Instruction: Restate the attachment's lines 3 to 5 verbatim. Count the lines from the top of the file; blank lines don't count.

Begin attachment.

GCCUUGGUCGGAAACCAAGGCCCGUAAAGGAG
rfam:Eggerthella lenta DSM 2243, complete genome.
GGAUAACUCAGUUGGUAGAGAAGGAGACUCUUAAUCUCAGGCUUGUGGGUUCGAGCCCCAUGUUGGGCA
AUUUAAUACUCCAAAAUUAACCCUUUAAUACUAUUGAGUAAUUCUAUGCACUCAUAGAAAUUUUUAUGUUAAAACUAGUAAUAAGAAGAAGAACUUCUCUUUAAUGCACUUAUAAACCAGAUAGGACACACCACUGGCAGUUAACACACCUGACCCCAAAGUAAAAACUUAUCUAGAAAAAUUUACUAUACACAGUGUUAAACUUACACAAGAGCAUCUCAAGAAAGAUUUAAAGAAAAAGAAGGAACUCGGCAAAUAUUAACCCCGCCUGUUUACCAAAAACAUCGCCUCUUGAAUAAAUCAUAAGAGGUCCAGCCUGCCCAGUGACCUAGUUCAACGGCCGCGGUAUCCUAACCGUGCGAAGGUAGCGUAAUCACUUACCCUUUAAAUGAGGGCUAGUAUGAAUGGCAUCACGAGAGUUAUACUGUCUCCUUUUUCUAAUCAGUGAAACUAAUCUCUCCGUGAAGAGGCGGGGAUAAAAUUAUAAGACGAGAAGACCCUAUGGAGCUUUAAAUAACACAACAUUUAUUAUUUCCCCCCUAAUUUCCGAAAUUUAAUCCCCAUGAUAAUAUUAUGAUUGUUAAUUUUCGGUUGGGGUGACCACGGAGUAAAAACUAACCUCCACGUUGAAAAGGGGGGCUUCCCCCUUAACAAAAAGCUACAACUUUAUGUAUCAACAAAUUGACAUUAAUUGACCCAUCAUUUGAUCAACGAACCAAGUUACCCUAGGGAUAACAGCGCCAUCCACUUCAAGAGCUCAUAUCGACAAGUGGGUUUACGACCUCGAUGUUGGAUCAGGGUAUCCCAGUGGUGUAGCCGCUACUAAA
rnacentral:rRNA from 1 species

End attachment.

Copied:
GGAUAACUCAGUUGGUAGAGAAGGAGACUCUUAAUCUCAGGCUUGUGGGUUCGAGCCCCAUGUUGGGCA
AUUUAAUACUCCAAAAUUAACCCUUUAAUACUAUUGAGUAAUUCUAUGCACUCAUAGAAAUUUUUAUGUUAAAACUAGUAAUAAGAAGAAGAACUUCUCUUUAAUGCACUUAUAAACCAGAUAGGACACACCACUGGCAGUUAACACACCUGACCCCAAAGUAAAAACUUAUCUAGAAAAAUUUACUAUACACAGUGUUAAACUUACACAAGAGCAUCUCAAGAAAGAUUUAAAGAAAAAGAAGGAACUCGGCAAAUAUUAACCCCGCCUGUUUACCAAAAACAUCGCCUCUUGAAUAAAUCAUAAGAGGUCCAGCCUGCCCAGUGACCUAGUUCAACGGCCGCGGUAUCCUAACCGUGCGAAGGUAGCGUAAUCACUUACCCUUUAAAUGAGGGCUAGUAUGAAUGGCAUCACGAGAGUUAUACUGUCUCCUUUUUCUAAUCAGUGAAACUAAUCUCUCCGUGAAGAGGCGGGGAUAAAAUUAUAAGACGAGAAGACCCUAUGGAGCUUUAAAUAACACAACAUUUAUUAUUUCCCCCCUAAUUUCCGAAAUUUAAUCCCCAUGAUAAUAUUAUGAUUGUUAAUUUUCGGUUGGGGUGACCACGGAGUAAAAACUAACCUCCACGUUGAAAAGGGGGGCUUCCCCCUUAACAAAAAGCUACAACUUUAUGUAUCAACAAAUUGACAUUAAUUGACCCAUCAUUUGAUCAACGAACCAAGUUACCCUAGGGAUAACAGCGCCAUCCACUUCAAGAGCUCAUAUCGACAAGUGGGUUUACGACCUCGAUGUUGGAUCAGGGUAUCCCAGUGGUGUAGCCGCUACUAAA
rnacentral:rRNA from 1 species